UK regulators call for ban on financial products linked to cryptocurrency

UK regulators call for ban on financial products linked to cryptocurrency
Finance

UK financial regulators are proposing a ban on financial instruments linked to cryptocurrencies like bitcoin, saying they’re “ill-suited” for small investors due to their “extreme volatility” and other risks, The Guardian reported Wednesday.

The ban would prohibit trading platforms from selling, marketing, or distributing derivatives and other instruments linked to “unregulated transferable cryptoassets” such as bitcoin. 

The ban will apply to a range of financial instruments including contracts for difference (CFDs), exchange traded notes, as well as options and futures. 

In addition to their volatility, the UK’s Financial Conduct Authority (FCA) said digital assets have “no reliable basis for valuation,” an increased risk for financial crime in the secondary market, and noted a lack of understanding among consumers of exactly what they’re buying. 

According to the FCA’s executive director of strategy and competition, Christopher Woolard, the cryptocurrency market consists of “complex contracts built on top of complex contracts.”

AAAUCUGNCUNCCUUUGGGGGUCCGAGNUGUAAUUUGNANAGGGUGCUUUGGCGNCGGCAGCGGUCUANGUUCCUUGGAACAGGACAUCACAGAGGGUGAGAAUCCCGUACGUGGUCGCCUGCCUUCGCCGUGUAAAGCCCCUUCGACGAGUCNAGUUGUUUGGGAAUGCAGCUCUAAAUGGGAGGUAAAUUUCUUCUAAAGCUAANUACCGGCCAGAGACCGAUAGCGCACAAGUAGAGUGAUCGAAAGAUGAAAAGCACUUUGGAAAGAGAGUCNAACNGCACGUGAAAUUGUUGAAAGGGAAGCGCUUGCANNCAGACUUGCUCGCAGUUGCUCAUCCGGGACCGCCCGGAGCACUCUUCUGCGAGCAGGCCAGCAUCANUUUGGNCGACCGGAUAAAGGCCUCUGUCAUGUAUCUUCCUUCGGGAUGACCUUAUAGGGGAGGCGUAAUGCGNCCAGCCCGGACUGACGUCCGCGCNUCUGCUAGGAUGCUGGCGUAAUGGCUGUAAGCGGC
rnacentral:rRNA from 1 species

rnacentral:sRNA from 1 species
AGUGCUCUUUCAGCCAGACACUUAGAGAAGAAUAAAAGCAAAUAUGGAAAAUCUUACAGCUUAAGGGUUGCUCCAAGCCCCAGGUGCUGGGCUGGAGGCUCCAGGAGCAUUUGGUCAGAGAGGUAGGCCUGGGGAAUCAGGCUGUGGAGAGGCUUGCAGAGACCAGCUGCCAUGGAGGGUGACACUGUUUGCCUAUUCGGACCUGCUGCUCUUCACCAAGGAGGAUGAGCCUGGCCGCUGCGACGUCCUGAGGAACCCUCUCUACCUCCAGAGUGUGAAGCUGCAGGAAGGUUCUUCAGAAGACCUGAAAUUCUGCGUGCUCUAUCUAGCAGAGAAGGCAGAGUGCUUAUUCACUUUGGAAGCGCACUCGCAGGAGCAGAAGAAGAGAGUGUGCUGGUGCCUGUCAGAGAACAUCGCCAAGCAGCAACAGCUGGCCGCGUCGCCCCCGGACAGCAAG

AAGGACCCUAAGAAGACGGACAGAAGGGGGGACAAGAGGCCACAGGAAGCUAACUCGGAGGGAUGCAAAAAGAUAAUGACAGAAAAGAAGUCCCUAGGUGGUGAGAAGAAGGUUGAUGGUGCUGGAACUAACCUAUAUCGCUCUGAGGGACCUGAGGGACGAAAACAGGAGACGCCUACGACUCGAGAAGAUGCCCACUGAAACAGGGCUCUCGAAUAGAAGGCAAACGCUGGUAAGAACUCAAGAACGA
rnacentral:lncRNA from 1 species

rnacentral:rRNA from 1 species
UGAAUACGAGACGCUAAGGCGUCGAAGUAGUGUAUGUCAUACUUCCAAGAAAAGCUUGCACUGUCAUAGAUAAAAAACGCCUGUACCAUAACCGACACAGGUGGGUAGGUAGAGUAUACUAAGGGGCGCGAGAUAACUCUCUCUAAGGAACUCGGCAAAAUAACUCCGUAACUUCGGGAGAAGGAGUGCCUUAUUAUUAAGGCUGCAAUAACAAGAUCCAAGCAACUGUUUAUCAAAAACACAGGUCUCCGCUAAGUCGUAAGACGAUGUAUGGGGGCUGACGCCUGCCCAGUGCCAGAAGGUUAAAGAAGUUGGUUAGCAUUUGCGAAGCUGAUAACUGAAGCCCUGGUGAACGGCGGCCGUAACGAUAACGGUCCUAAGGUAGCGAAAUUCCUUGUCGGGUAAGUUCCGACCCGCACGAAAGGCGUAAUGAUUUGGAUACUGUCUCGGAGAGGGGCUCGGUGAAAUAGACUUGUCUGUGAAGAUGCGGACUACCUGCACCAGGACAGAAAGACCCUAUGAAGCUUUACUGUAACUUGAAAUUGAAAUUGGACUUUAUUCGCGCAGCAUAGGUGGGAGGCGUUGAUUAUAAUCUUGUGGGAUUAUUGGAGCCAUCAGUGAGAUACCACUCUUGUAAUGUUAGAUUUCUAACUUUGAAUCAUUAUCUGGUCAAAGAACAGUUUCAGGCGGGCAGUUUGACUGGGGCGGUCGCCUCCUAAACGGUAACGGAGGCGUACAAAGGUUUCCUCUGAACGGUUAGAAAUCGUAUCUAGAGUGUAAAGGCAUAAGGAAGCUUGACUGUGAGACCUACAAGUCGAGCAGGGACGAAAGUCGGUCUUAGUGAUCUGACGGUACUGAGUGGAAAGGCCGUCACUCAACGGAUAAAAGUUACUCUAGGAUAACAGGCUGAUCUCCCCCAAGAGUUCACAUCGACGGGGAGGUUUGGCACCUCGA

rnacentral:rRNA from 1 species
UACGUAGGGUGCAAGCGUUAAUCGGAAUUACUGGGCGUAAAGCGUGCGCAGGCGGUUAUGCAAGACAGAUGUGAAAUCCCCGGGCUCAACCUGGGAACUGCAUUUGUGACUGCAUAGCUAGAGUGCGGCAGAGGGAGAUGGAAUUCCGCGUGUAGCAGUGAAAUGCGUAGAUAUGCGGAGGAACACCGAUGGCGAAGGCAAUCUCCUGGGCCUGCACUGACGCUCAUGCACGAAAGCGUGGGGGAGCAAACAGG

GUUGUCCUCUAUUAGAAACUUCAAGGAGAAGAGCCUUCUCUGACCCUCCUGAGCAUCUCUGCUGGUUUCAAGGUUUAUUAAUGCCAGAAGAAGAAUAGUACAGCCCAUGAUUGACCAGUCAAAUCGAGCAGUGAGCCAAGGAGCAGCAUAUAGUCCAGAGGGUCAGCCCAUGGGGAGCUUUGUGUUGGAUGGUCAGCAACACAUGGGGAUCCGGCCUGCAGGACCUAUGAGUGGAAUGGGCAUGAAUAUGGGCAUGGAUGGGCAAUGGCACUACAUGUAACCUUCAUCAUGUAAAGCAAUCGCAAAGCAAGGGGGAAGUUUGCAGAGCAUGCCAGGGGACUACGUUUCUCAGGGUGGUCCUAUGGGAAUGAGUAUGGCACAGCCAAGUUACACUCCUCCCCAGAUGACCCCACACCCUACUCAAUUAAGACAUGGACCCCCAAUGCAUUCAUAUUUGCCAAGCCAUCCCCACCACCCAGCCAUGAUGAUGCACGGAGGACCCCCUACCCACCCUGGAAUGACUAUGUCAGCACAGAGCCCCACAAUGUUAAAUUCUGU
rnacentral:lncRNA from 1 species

The FCA said investors could “suffer harm from sudden and unexpected losses if they invest in these products,” and estimated that the ban would save between £75 million and £234.3 million annually for non-professional customers. 

After hitting a low of about $3,000 last year, the price of bitcoin reached nearly $14,000 in recent weeks, after Facebook announced plans to launch its own “Libra” cryptocurrency. Since then, it’s plunged 30 percent to less than $10,000 on Tuesday. 

“Prices are extremely volatile and as we have seen globally, financial crime in crypto-asset markets can lead to sudden and unexpected losses. It is therefore clear to us that these derivatives and exchange traded notes are unsuitable investments for retail consumers,” Woolard said. 

The US Congress has asked Facebook to halt development of its cryptocurrency while they investigate the impact of such a move. 

A letter to Facebook chiefs, from Democratic heads of the House Committee on Financial Services, warned:

“The scant information provided about the intent, roles, potential use, and security of [Libra] exposes the massive scale of the risks and the lack of clear regulatory protections. If products and services like these are left improperly regulated and without sufficient oversight, they could pose systemic risks that endanger US and global financial stability.”

The FCA also said it has already issued 13 warnings to unauthorized firms involved in the cryptocurrency market, with ten ongoing investigations into such matters. 

Woolard said:

“As with our work on the wider CFD and binary options markets, we will act when we see poor products being sold to consumers.”

Image by MichaelWuensch from Pixabay 

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